Wednesday, April 24, 2024

EDITORIAL: Remembering Daaga

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ONE of the genuine voices of reform in politics and race relations in Trinidad and Tobago, Makandal Daaga was finally silenced this week.

Daaga’s life sacrifice doggedly defined the unpretentious pursuit of one of the passionate philosophies that transformed our times. From his student days at the St Augustine campus of the University of the West Indies until his decision to serve under the People’s Partnership Government in 2010, he was an example of steadfast servanthood.

It is unusual to find this level of uncompromised commitment at such an early age. For it was as a teenager that he sprung to recognition and indeed, it was his leadership that ultimately led to student activism in this region. For an entire year, while at university, Daaga mobilised the country to protest blatant injustices. This led to demonstrations and widespread strikes, forcing a re-think of the political direction of Trinidad and Tobago.

His death revives memories of the halcyon days of front-burner black power activities that mimicked the happenings of the civil rights movement of the United States in the heyday of Martin Luther King and Malcom X.

As Daaga is buried tomorrow, many will recall the glorious exertions of men like trade unionists George Weekes and Basdeo Panday and fellow activist Clive Nunez, stalwarts who were imprisoned for their defiance, but who paved the way for a more just society by resisting the obstinate government of Dr Eric Williams, whose response to public outcry was to call a state of emergency and attempt to introduce a Public Order Act to end public demonstrations.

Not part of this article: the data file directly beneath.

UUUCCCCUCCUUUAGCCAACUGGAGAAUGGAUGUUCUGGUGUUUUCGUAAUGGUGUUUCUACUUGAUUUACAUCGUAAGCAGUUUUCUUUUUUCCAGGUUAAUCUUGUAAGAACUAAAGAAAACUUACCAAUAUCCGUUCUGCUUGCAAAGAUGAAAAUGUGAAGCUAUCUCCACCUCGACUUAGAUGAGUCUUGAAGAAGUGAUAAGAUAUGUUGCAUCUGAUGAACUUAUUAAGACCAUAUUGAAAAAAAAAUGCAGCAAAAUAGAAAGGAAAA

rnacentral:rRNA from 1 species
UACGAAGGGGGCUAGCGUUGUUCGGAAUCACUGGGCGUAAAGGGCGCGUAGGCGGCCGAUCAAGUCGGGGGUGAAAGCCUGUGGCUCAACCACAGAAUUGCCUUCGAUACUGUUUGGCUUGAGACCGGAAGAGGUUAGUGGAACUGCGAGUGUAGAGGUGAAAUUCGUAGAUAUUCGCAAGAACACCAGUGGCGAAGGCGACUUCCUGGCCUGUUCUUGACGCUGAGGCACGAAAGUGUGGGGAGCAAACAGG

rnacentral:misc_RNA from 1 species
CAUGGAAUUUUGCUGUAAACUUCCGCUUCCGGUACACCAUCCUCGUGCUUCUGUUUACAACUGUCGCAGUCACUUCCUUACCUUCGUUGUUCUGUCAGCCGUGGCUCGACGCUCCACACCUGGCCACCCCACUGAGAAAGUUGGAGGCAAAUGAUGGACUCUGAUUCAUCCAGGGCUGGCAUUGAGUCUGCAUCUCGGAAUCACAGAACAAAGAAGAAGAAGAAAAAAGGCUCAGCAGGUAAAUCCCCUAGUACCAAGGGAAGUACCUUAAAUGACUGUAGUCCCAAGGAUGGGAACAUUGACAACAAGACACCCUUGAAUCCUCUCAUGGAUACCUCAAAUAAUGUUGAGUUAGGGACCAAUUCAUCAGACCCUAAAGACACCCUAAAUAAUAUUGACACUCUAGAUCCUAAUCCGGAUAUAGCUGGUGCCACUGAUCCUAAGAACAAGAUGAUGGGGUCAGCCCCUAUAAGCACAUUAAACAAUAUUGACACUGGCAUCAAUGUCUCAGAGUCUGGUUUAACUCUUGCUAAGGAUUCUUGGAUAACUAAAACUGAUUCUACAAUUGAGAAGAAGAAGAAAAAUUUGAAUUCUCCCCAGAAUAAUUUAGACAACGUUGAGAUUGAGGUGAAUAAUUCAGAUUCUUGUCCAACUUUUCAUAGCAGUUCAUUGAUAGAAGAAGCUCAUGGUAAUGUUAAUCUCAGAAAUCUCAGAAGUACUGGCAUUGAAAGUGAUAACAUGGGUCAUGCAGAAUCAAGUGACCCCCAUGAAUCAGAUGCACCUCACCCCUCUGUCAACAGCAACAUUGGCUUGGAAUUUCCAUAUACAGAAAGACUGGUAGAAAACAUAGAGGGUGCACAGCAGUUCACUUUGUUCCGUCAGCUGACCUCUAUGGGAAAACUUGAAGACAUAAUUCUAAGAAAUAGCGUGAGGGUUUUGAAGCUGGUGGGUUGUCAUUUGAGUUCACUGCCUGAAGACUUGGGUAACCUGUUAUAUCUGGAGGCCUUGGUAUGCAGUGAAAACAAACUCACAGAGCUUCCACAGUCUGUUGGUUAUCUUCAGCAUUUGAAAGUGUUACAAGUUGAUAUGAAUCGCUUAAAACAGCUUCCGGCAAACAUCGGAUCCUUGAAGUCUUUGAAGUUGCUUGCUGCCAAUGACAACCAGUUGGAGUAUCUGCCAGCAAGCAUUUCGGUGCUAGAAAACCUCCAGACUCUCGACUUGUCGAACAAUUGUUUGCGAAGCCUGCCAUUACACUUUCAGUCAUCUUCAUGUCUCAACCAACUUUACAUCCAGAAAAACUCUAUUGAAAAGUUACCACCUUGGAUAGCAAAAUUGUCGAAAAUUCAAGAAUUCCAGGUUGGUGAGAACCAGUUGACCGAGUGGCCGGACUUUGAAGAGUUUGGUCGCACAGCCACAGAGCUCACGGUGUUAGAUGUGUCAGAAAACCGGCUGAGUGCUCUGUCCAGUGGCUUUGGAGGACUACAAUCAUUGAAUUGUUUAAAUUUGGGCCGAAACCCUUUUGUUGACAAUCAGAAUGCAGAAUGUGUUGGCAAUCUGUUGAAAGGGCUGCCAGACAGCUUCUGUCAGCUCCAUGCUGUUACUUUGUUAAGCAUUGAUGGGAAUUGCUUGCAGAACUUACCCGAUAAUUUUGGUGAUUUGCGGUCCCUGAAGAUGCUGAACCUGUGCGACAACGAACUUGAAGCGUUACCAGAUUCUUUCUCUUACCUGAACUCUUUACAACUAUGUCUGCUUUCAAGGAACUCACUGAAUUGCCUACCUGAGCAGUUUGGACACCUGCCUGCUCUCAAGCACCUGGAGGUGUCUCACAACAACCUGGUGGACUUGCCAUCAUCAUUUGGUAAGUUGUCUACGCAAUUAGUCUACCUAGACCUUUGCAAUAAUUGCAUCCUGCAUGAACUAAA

Daaga, who changed his name from that of Geddes Granger, was also the articulate spokesperson who took the message of his mission of socio-political change beyond the shores of his native land to men and women of similar beliefs who were engaged in the struggle in North America, particularly in New York, Toronto and Montreal. It was an incident in that last city in particular, that was the crucible for new awareness of black power in the Caribbean. Black students of Sir George Williams (now Concordia) University wrecked the computers and staged a sit-in to protest racial discrimination, sparking a raging debate that spilled throughout campuses in Canada.

In a country which boasts such revolutionary stalwarts as Uriah Butler, the organisation that Daaga founded in 1970, the National Joint Acton Committee, proclaimed him by saying: “No leader has affected the course of history in Trinidad and Tobago and the Caribbean as has Mankandal Daaga.” This is an obvious over statement, but at the same time, Daaga is among some of the outstanding reformers of the past 50 years.

Long before an independent Trinidad and Tobago sought to recognise citizens with national honours, Daaga formed PEGASUS with the specific mandate of identifying stalwarts and giving them acclaim, starting with Captain Arthur Cipriani, labour leader and founder of the Labour Party there.

Daaga’s approach to leadership is a textbook lesson for aspirants. He knew how to seize opportunities. He ardently felt that attitude triumphs over accolade. He was never surprised by assaults made on him. On no occasion did he compromise principles, preferring to take all of the heat of unpopularity, and to rise again.

Daaga was engaged in work for the larger cause while empowering others around him. He was not ashamed to seek acclaim but practiced humility throughout.

History will acclaim him as one who was never timorous about his beliefs and thus did much to reshape the fortunes of the marginalised and dispossessed of the region.

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